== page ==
There were four strong contenders when the Republican party met in June of 1940 in Philadelphia to nominate its candidate for president: the crusading young attorney and rising Republican star Tom Dewey, solid members of the Republican establishment Robert Taft and Arthur Vandenberg, and dark horse Wendell Willkie, utilities executive, favorite of the literati and only very recently even a Republican. The leading Republican candidates campaigned as isolationists. The charismatic Willkie, newcomer and upstager, was a liberal interventionist, just as anti-Hitler as FDR. After five days of floor rallies, telegrams from across the country, multiple ballots, rousing speeches, backroom deals, terrifying international news, and, most of all, the relentless chanting of "We Want Willkie" from the gallery, Willkie walked away with the nomination.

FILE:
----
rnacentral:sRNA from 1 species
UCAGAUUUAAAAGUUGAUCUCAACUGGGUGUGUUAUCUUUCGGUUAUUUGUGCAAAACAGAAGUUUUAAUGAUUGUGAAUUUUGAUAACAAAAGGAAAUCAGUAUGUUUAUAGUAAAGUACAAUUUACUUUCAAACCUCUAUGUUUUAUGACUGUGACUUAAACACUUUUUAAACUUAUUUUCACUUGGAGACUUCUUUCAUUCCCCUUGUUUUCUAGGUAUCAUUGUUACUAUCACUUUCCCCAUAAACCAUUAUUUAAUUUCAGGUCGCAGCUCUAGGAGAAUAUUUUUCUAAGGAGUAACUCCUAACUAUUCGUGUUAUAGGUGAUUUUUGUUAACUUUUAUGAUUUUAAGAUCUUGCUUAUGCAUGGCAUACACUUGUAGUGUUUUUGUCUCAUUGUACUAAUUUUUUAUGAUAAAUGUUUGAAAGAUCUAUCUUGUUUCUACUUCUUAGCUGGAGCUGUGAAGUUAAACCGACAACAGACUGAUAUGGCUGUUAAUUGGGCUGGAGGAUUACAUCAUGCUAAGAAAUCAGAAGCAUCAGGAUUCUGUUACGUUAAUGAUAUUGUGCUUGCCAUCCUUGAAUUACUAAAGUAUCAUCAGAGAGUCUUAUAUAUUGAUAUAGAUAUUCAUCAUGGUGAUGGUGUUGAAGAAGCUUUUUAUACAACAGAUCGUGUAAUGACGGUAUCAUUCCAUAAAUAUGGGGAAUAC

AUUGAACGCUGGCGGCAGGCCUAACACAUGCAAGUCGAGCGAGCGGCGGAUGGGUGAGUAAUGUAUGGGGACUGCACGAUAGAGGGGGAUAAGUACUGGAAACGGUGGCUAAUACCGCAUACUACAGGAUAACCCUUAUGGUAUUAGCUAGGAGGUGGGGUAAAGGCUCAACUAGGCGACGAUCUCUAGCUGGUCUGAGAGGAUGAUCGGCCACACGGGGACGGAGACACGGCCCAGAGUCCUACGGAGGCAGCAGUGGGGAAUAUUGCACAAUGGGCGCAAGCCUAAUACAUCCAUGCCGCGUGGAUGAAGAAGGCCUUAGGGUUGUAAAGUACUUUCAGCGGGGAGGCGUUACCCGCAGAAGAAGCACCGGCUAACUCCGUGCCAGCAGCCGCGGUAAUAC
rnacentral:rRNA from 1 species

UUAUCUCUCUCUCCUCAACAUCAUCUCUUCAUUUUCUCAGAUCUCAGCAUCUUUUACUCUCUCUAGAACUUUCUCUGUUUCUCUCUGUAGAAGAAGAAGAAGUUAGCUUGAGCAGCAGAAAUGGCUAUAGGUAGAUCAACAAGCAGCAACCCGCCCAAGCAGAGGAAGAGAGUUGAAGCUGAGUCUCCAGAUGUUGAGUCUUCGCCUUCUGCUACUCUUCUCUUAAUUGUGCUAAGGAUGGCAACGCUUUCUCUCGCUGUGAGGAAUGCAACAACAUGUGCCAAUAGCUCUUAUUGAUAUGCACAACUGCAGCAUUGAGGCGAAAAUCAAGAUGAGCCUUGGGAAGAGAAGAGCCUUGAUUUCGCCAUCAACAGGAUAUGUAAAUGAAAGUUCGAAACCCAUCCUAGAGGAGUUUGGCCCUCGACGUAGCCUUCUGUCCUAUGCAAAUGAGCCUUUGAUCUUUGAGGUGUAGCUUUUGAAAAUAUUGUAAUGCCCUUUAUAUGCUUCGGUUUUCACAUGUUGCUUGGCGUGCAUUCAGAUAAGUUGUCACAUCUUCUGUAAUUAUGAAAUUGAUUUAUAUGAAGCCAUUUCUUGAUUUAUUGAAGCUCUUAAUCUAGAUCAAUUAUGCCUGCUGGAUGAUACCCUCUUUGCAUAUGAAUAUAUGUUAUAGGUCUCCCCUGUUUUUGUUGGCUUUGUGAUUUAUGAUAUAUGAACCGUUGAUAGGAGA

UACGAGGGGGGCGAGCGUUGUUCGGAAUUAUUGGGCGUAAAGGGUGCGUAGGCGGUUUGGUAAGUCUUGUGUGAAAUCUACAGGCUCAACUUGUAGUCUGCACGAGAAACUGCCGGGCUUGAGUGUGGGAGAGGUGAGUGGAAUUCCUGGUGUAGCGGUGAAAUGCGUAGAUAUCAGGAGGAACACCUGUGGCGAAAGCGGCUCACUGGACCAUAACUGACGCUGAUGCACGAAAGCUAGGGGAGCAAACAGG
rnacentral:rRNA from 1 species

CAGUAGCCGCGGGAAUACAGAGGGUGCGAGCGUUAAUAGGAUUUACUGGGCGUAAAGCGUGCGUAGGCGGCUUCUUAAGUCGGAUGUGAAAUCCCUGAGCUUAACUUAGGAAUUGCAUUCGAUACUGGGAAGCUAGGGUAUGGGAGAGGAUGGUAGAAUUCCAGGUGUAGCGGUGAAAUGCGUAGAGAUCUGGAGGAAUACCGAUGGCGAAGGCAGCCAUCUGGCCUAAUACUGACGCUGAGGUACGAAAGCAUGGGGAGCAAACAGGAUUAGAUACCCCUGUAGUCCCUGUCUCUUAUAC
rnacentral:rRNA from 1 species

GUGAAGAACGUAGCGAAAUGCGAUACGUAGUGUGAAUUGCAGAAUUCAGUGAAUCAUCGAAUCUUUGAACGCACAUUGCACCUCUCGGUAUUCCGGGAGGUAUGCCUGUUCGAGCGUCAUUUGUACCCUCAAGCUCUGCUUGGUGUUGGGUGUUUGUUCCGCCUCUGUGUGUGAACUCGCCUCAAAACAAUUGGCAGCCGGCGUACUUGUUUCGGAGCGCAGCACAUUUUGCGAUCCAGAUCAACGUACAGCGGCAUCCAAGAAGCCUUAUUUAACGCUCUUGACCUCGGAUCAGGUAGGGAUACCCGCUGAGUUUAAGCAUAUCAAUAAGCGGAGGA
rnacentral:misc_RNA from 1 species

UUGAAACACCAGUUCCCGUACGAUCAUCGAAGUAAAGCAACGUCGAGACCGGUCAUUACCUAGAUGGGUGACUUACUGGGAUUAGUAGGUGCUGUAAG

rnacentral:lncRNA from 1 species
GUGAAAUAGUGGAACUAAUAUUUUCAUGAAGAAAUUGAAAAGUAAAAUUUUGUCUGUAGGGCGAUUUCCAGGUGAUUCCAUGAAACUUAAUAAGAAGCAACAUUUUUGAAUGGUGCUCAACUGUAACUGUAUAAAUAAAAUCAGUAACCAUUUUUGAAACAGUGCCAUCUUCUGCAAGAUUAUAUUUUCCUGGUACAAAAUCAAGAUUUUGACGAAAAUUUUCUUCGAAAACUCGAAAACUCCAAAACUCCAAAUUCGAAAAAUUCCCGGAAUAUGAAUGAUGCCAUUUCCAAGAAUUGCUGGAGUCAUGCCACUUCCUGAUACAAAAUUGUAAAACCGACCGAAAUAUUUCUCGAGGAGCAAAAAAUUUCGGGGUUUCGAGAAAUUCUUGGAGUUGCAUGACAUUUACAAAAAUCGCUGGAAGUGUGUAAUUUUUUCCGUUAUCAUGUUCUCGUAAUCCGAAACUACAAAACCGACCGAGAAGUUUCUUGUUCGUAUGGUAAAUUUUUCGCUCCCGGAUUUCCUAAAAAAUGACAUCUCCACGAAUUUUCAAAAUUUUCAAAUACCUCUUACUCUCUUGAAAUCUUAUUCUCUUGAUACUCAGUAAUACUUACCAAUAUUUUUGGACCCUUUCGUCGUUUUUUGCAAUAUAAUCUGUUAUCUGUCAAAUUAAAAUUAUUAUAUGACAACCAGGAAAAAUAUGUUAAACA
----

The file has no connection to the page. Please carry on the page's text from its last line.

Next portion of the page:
The story of how this happened and of how essential his nomination would prove in allowing FDR to save Britain and prepare this country for entry into World War II is all told in Charles Peters' Five Days in Philadelphia. As Peters shows, these five action-packed days and their improbable outcome were as important as the Battle of Britain in defeating the Nazis.
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About the Author
Charles Peters managed John F. Kennedy's 1960 primary in West Virginia's largest county, then moved to Washington D.C. to help launch the Peace Corps and to found the Washington Monthly, which he edited for thirty-one years. He won the Columbia Journalism Award and the first Richard M. Clurman award for mentoring young journalists, such as James Fallows, Nicholas Lemann, Michael Kinsley, and Pulitzer Prize winners Katharine Boo and Taylor Branch. His previous books include How Washington Really Works, which the New York Times called, "wise, funny."